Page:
The sensationalism of the title of this post is intended to demonstrate the kind of difficult questions facing the arts and culture sector today: a question like whether sensationalizing in order to attract audiences compromises core cultural values. Simon Brault’s book No Culture, No Future (Le Facteur C en français) sets out not so much answer this question, or questions like it, as re-frame the whole way we think about the place of culture in society.
Drawing on his extensive experience as CEO of the National Theatre School, spearheading the restoration of the Monument-National in Montréal, founding Les journées de la culture, and as Vice-Chair of the Canada Council for the Arts, Brault describes the various impasses the cultural community faces to achieving sustained support: we must, he argues, fundamentally question and then rebuild the relationship between the cultural sector and the public. Brault’s project is a road map to “democratization,” the kind of engagement in which the public does not merely “participate” as consumers but is so deeply connected to culture that it is an indispensable part of life.
For Brault it is not a question of finding better arguments for supporting the arts. He notes that we have ample evidence of the positive economic impact of museums, galleries, theatres, orchestras, festivals, etc., yet the arts and culture are still generally regarded as a luxury, affordable in good times but far from essential. Brault cautions against putting too much store in economic arguments; it is better to hang on to core values even if that necessitates underestimating the economic contribution of the arts and culture because the alternative: “one-dimensional and instrumental thinking that reduces cultural value to calculable economic impact,” risks shearing off the very core values that are the foundation of our best arguments.
Neither is it a question of simply increasing government funding. Brault reminds us that state funding of the arts and culture is purposive, based on philosophical principles and broad social objectives. In Canada there are two approaches, one in Quebec founded on France’s culture pour tous (culture for all), in which state investment in culture is understood as promoting democratic participation, and another in the rest of Canada based on the British system of autonomous arts councils which detaches culture from politics. For Brault, it is not a matter of which approach is better. The bigger issue, he argues, is the multiplication of programs to fund arts and culture among Ministries and departments and agencies at all levels: while this abundance promises greater independence from single-source funding, there is real danger of arbitrary retraction where policy objectives are vague and unaligned (something we are witnessing already as funding regimes threaten to topple like dominoes, starting with recent “clearcutting” of arts programs in B.C.).
Neither is it a question of cultural communities more strenuously or loudly asserting the importance of culture. For Brault this approach is crippled by contradictions and competition within the cultural field(s), the contradiction of cultural “experts” professing to know what’s best for the public and a public largely unconvinced but nevertheless expected to foot the bill, and competition that periodically erupts into skirmishes and fueding, for example between “universalists” who believe in hierarchies that produce “excellence” and “relativists” championing diverse, critical, independent voices. Brault again refuses to choose sides. Rather he focuses on the practical dilemma that despite remarkable growth, increasing diversity and powerful new communications tools, the cultural communities are unable to find a common voice or arguments that are broadly credible outside their own immediate spheres. This leads Brault to what is perhaps the most provocative assertion in the book: that cultural policy cannot be left to the cultural community itself.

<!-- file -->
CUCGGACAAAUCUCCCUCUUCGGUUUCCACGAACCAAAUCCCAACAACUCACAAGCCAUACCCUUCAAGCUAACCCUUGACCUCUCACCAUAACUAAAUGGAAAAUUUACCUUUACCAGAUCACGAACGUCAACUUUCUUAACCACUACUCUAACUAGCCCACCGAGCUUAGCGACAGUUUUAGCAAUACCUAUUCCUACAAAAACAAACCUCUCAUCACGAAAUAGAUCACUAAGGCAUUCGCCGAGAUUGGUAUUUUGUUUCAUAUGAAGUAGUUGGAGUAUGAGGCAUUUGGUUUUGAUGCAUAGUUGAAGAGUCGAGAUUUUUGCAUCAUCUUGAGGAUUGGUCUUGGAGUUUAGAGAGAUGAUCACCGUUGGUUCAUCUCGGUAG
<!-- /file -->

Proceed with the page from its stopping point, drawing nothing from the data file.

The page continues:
Brault balances this assertion with a fair and impassioned plea to address the economic plight of working artists. Clearly creators are the foundation of the arts and Brault is sensitive to the failure of both market and state to build sustaining economic structures. Refus Global, the Kingston Conference of 1941, income disparity, and number of artists (142,000) are all discussed in the book, as are arts organizations.
At the end of the day, however, Brault asks us to look at the problems from a different perspective, to come at them not from the inside out but from the outside in. Great progress has been made, he notes, through international policy agreements like the UNESCO Convention on the Protection and Promotion of the Diversity of Cultural Expression, which establishes culture as a universal right, and which has permitted governments to insulate their distinctive cultural production from the “pure” economic competition of free trade markets. The underlying concept of “culture as an essential dimension of human experience” is a foundation upon which we can begin to build a better integrated, stable and sustainable cultural field.
In Part 3 of the book, Brault puts forward a practical example of the kind of building he envisions, taking us through his experience restoring and re-purposing the Monument-National to the formation of Culture Montréal, a consortium of arts, government and business leaders whose singular mission was to join the words “cultural” and “metropolis” and make them synonymous with “Montréal.” Brault is frank about Culture Montreal’s ultimate failure to create a single new agency that would have been responsible for all cultural activity in Montréal, but undeterred from his conviction that cross-sector cooperation is the way to move culture from the margins to the centre of the public policy stage.